Always start with simple solution (ConfigParser vs. JSON for Python configuration file)

Published on: 01.01.2018


Sometimes perfect is the enemy of the good.

Why use configuration file

I had Python program, that needed to access device via IP address and to do some diagnostic and commands on it.

At that time, I was accessing only one device (only one IP address).

But could see that in future (in few months to one year), I will need to do the same set of command on more devices.

One solution is to add IP address as a parameter to CLI program.

In my use case number of IP address that needs to be accessed will never be bigger than 34.

And writing 34 IP addresses as CLI parameter, that is around 373 letters, is not a nice solution.

When you need to read it, to see are all IP addressee included, it is not easy to read.

Python code as configuration was not possible

I was distributing my Python code as EXE, so use of Python code as configuration was not possible.

Altho, I think that Python code as the configuration is a good solution if you are executing source code, and only developer (not average user who does not know what Notepad is) will edit it.

Sometimes perfect is enemy of good

Sometimes I do have a problem that I tend to unnecessarily complicate things.

Because I think about all possible edge cases and all possible future uses.

And from these two, all possible future uses are the real problem.

Edge cases can happen, but is there a positive cost benefit to solve them and how?

This need to be determined on a case by case basis.

But “all possible future use” is trying to anticipate the future.

That is impossible.

From my experience, whenever I add code for future use cases, usually it was waste of time.

Even when I am the only user, so I can argue to my self that I know will need it.

Usually, I do not need it.

So, I have decided to eliminate waste when developing software, starting from this project.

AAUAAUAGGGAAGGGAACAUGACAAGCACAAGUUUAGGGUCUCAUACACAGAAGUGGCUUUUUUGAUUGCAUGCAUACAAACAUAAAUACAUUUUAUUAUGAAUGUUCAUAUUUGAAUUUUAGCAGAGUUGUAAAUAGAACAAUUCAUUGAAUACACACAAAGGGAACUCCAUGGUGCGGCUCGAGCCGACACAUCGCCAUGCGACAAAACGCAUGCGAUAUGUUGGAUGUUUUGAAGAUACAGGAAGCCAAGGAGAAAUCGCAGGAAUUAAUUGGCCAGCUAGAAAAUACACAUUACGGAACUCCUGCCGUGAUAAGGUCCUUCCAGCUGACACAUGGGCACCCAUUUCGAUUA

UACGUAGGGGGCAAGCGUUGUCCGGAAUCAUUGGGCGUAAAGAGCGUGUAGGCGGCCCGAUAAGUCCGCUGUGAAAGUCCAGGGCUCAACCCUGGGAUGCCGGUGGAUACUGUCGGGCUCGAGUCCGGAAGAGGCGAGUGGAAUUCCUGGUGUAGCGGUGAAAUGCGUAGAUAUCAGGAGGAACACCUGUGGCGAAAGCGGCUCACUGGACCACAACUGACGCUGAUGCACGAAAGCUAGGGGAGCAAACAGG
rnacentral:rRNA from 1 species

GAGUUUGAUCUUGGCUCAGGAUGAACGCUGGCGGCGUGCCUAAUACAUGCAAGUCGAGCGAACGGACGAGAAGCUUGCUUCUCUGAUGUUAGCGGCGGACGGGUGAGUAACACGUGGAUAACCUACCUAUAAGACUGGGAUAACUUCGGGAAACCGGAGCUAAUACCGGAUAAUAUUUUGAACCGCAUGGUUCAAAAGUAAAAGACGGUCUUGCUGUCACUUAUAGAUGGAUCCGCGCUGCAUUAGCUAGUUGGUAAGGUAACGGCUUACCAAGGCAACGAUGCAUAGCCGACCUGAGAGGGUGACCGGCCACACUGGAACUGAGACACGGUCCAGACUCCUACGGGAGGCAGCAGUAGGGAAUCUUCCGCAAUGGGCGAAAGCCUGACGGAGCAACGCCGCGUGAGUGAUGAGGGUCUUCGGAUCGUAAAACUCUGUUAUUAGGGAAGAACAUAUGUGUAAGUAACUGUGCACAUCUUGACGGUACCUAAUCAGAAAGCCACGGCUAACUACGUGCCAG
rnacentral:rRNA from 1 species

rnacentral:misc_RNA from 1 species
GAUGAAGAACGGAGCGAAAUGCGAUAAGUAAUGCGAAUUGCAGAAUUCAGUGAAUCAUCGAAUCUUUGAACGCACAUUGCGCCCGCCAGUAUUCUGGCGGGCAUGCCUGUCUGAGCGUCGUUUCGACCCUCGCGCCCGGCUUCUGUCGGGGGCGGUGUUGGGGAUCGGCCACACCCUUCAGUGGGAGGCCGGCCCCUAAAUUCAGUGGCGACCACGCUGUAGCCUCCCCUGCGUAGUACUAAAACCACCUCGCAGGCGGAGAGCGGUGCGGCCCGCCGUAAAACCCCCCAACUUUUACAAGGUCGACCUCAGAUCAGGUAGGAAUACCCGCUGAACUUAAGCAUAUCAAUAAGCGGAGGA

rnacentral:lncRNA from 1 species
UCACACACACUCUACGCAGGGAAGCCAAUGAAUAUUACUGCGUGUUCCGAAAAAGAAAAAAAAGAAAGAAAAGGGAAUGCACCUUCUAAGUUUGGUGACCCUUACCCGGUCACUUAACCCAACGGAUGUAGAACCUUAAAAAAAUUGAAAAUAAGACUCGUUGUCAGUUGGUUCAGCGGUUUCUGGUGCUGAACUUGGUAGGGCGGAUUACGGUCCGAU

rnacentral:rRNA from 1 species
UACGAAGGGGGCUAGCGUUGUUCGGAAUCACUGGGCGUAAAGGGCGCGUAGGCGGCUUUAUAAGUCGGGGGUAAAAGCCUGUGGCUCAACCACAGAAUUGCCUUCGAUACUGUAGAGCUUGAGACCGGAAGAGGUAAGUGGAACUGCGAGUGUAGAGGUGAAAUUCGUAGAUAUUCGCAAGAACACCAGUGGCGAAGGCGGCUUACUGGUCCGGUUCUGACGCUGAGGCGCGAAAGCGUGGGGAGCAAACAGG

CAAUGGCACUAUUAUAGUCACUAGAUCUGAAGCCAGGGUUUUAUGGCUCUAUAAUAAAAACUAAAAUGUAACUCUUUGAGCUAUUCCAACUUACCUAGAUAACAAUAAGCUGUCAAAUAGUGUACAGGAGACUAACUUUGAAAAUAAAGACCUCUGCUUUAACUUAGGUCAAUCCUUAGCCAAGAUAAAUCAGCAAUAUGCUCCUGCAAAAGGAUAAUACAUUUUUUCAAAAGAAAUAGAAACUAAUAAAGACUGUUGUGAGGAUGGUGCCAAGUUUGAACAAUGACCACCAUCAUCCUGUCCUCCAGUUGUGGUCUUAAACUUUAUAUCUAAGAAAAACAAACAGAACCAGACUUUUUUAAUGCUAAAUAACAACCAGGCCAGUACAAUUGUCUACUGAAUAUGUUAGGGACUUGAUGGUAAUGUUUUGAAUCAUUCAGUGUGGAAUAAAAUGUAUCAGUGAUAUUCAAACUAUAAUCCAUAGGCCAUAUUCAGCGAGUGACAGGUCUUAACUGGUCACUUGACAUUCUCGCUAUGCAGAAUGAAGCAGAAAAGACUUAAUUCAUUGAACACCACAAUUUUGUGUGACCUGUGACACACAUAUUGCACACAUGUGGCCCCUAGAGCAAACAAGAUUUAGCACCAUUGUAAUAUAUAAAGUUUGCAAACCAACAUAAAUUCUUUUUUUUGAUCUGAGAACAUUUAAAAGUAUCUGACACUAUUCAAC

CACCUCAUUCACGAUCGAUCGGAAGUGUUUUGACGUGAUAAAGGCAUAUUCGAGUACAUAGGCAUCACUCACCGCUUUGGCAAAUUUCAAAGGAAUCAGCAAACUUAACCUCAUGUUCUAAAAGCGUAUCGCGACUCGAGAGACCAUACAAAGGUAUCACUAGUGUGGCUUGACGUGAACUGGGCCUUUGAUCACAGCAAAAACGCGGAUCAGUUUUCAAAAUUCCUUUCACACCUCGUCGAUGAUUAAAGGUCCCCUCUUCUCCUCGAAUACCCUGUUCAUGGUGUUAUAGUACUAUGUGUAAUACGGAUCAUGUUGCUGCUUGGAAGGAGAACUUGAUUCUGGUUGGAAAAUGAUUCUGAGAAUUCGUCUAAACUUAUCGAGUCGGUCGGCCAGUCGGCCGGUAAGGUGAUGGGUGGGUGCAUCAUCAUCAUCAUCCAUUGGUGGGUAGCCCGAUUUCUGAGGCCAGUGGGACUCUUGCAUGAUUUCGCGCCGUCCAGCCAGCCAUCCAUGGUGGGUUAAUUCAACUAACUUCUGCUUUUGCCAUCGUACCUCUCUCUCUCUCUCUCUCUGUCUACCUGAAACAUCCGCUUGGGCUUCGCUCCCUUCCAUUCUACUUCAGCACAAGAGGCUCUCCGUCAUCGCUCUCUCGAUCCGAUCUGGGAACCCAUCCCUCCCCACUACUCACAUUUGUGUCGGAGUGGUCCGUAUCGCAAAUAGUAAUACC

For example, here I needed a configuration file that will have a list of IP addresses, which I will iterate in for loop.

This was the smallest requirement that I needed for my problem.

But immediately I was thinking that it would be nice to have:

  • checking if IP address is in the valid format
  • if I have 5 address that I need to write all 5, but I could add special syntax for that. Like ---, and this can really get more complicated if you want to cover all edge cases.
  • I only need IPv4, but can I also ad IPv6
  • if there is some error in the configuration file, there can be a useful error message and suggested a solution
  • another configuration file can be added where I would define what are valid IP addresses, and then I can validate requested IP against valid IP

And the list can go on.

But I said to myself, NO.

You will just make code that can read a list of items as a list in Python from the configuration file.

Nothing more.

If when you have the real need, you will add additional features when needed.

When I think about this, maybe this is an example of premature design?

Premature design is deciding too early what a program should do.

Why JSON is better than Configparser for list datatype

After investigating possible solution, decision was to try ConfigParser.

ConfigParser configuration file was:

Code was:

I found few problems with ConfigParser:

  1. It did not have build in functionality to read data as Python List
    • so even for this simple example I had to write custom code (this is why I have get_as_list() function)
  2. There were no rules in format, eg. "" and was both valid.